How I Blocked Myself From Twitter For 3 Days

How I Blocked Myself From Twitter For 3 Days

I’m a bit hesitant to say this but I blocked myself from Twitter and other (social) media snacking for 3 days – and I liked it.

Inspired by a couple of posts by Bruce Keener[1] regarding reduction of unnecessary information inputs and a short email back-and-forth with him which mentioned the value of reducing Twitter time as well, I went into my 3-day weekend by editing my hosts file and pointing the domain to my own computer.

Blocking Twitter through hosts file

Other computers in the house remained able to access the domain and at one point I did lapse, snacking on some non-essential RSS stories and using the Share on Twitter ability of my6sense’s interface to post a number of them to Twitter.

The Result

Ruud snackingWhat I noticed almost right away was the number of times I wanted to media-snack "just in between".

Similar to "I’m just checking my email", I noticed a desire to detour to especially Twitter just before wanting to do something on the computer.

Not able to go there certainly left a feeling of a loss of destination, a feeling of "OK… so now what?" akin to the one experienced when your Internet connection or – worse — the electricity goes down.

That did force my thinking in other directions. Longer, more focused.

It definitely was calmer inside. In an odd way the weekend had more structure to it, felt less hectic. Less scattered.



The last time I felt calm and relaxed like that was during my two vacations last year. When I was camping for example. Thinking, eating, making coffee, providing, doing some reading.

Think about it. When left to your own accord, when you have all the time in the world; what do we do?

We expose ourselves to less inputs each of which provides less input, the effect of which is that we have longgggg stretches of time to enjoy and just … be.

What’s Going On?

There’s something addictive with social media; the rapid stimulus, rapid feedback pattern makes it so.

Whether it is the "check in, post, reply, wait for reply – repeat" of Twitter (or Facebook, a forum, Usenet, email, etc.) or the flicking through stories until something interesting is always sure to catch your eyes – it is self-reinforcing behavior.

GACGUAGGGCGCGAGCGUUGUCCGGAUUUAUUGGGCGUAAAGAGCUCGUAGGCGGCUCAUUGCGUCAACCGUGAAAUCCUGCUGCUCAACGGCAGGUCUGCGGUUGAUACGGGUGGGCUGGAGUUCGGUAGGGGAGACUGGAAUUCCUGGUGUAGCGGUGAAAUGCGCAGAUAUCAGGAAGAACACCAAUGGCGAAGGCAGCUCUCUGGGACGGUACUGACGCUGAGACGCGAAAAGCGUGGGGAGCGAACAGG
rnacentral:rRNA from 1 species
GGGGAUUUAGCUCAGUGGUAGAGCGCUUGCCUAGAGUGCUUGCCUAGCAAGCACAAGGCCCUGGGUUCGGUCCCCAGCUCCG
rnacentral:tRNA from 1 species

In a way it reminds me of those late night cable TV evenings. Remember? Flicking through the channels until somehow you find yourself watching an infomercial or a documentary on the white shark. It’s not necessarily bad – but it’s not what you want to be doing with your life either.

  1. Reflections on 2009 and Adjusting Your Information Flow part one & part two []

7 Replies to “How I Blocked Myself From Twitter For 3 Days”

  1. I so agree!

    Everyone develops ‘just-one-minute’ routines — many of them unnecessary and often counter-productive.

    But for those of us who live and work online, with no boss to look over our shoulders, it’s especially easy to follow multiple rabbit trails that end up eating time and energy.

    I have more observations, but I promised myself to only use one minute for this.

    Besides, I’ve got to brew some coffee!

  2. I could go on, and on, and on about the whole issue of distraction and information addiction. But for now, suffice to say what Ghandi said, “There is more to life than increasing its speed.” Well done for taking a break, and seeing the benefit!

  3. Yeah, isn’t it related to information overload, fueled by our thirst for more information?

    When I cut my RSS-reading and blog-reading time by only searching and reading what solves *only my current problems*, it helped me work more effectively a lot. But I switched to Twitter and Twitter-surfing, instead.

    I guess it’s the new-era version of “Stop watching the TV all day and go play outside” thing. I really should practice it more.

  4. I can’t put my finger on it (yet) but there’s a paralyzing quality to this kind of exposure. It can easily move past “inspire” into watching what other people did.

    This was the 2nd weekend I stayed off and it’s been good. Planning to do explore the subject a bit more soon too.

  5. Thanks for the post Ruud! It’s nice to hear other people share similar thoughts of this information-overloaded culture. I love information, technology & “social media” (shudder at overusing the term though) and really feel twitter can be quite useful!

    I tend to feel a sense of “peer pressure” reminiscent of my childhood days to “fit in”, “look cool”, literally “follow the right people”, and “say the right things”, and wonder if you deal with any of that?

    I also get such a headache from Twitter sometimes just because it’s hard to keep up. My friend introduced me to “” which helps to recommend people you should unfollow.


  6. I recognize what you’re describing, Jon. I try my best to stay true and real to myself; unplugging and distancing yourself form a community can help with that.

  7. Just say NO to all social media services. Big time wasters.

    Unless of course you’re: looking for work, trying to market a product/service, keeping in touch with family & friends, planning events, stuck in traffic or long queue with a Blackberry, etc.

    Ok, never-mind … bad idea.


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